Timely policy reforms can unlock economic promise of India’s demographic dividend

By Wang Jiamei Source:Global Times Published: 2018/2/1 22:38:40

It is clear that India's economy still has tremendous growth potential despite such problems as severe wealth inequality, massive unemployment and poor infrastructure, but whether the potential can be fully realized depends on how the country adjusts its reform policies.

After a considerable contraction in the first half of the 2017-18 fiscal year that began in April 2017, India's GDP growth is expected to have rebounded in the second half. According to the annual economic survey submitted on Monday by Finance Minister Arun Jaitley, the Indian economy will grow by 7 percent to 7.5 percent in fiscal 2018-19, making it the fastest-growing major economy in the world again.

While the report mainly attributed the growth to improved exports and the liberalization of foreign investment rules, there is no doubt that India still has the potential for rapid development in the coming years.

The biggest selling point of the Indian economy is its large demographic dividend, an important factor contributing to China's extraordinary economic success in recent decades. Statistics from the World Bank show India has the world's largest and youngest population, a powerful impetus to the country's future growth.

It is because of this promising demographic dividend that companies from around the world have been investing in India in the hope of a repeat of China's economic success.

Although India has long been criticized for its underdeveloped infrastructure, the situation also means that its potential in this aspect is great. Once the construction of massive infrastructure projects starts in the country, its economy will get a major boost.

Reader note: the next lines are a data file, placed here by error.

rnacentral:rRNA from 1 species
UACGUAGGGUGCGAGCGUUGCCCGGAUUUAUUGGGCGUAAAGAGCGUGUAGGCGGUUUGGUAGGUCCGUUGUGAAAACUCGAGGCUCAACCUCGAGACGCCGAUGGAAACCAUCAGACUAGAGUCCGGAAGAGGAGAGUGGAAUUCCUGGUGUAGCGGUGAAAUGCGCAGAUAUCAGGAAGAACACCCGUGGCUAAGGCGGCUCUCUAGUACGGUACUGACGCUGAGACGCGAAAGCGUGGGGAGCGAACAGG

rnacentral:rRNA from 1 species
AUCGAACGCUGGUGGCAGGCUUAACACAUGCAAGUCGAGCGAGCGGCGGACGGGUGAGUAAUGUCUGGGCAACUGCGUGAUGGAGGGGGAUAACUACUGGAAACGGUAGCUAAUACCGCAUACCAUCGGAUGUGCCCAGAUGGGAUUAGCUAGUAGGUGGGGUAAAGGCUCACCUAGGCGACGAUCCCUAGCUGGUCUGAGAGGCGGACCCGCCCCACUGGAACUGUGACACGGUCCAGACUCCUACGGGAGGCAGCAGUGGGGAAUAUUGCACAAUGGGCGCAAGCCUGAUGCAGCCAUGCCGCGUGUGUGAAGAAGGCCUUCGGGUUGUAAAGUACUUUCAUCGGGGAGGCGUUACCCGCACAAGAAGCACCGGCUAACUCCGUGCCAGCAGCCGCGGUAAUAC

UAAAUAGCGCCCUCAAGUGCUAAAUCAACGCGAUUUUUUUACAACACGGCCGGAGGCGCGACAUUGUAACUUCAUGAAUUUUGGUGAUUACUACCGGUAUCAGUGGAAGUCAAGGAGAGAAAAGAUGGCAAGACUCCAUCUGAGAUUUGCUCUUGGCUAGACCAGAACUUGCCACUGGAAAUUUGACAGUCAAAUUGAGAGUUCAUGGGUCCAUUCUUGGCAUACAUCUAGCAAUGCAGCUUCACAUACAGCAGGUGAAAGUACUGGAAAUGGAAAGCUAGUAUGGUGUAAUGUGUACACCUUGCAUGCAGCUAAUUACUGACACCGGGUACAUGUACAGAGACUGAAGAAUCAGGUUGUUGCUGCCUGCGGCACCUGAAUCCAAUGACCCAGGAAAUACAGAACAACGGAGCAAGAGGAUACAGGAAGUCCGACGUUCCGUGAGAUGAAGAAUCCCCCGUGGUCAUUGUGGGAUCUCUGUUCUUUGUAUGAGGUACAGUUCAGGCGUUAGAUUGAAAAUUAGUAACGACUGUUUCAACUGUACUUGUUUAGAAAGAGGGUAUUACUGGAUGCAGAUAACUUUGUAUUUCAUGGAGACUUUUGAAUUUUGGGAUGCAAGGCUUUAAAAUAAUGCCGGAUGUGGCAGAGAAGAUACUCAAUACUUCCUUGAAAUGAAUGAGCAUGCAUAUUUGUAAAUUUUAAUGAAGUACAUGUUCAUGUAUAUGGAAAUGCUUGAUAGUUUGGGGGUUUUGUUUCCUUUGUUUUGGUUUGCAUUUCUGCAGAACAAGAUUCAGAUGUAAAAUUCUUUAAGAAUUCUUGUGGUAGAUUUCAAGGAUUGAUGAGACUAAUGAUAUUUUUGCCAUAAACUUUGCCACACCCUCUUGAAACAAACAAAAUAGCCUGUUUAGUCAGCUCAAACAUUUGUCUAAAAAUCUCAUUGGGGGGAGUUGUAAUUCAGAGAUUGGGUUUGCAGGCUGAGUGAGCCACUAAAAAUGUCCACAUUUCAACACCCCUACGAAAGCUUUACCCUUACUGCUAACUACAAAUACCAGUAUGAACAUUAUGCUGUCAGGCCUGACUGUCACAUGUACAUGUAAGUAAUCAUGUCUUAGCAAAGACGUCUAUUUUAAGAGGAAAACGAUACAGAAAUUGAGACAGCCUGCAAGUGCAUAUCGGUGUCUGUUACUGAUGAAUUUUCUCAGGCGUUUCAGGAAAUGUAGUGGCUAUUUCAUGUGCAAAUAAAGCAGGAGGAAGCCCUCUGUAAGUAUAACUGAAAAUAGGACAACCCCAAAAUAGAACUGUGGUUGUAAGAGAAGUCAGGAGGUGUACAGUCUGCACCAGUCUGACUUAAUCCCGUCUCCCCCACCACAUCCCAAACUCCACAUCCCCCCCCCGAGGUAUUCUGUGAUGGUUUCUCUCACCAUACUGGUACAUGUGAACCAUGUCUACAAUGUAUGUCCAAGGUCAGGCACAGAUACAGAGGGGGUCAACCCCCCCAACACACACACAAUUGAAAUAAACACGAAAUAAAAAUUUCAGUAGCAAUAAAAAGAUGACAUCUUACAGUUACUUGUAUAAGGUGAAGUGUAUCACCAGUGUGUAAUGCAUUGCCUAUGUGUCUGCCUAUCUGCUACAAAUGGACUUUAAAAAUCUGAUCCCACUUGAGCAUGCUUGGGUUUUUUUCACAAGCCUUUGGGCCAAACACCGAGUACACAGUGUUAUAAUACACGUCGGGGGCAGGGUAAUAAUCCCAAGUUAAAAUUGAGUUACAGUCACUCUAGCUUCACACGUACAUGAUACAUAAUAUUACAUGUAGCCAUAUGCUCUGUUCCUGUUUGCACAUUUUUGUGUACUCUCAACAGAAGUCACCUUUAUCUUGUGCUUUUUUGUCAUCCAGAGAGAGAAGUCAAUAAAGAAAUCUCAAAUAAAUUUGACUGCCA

Observers are generally optimistic about India's economic prospects, but challenges remain. For instance, according to the OECD, more than 30 percent of youth aged 15 to 29 in India are not in employment, education or training, more than double the OECD average.

Reform is certainly the key to addressing the unemployment challenge and other economic restructuring problems in India. The government of Indian Prime Minister Narendra Modi has announced aggressive reform measures since late 2016 such as demonetization, a goods and services tax and relaxed rules on foreign investment. But so far none of these measures has stimulated its demographic dividend.

While it is said that the reforms will pay off in the long run, it is still important that the Indian government makes timely adjustments to the policies as needed so that its economic potential can be fully released as soon as possible. After all, it is never a bad thing for China to see its neighbor in a good economic situation.

The author is a reporter with the Global Times. bizopinion@globaltimes.com.cn


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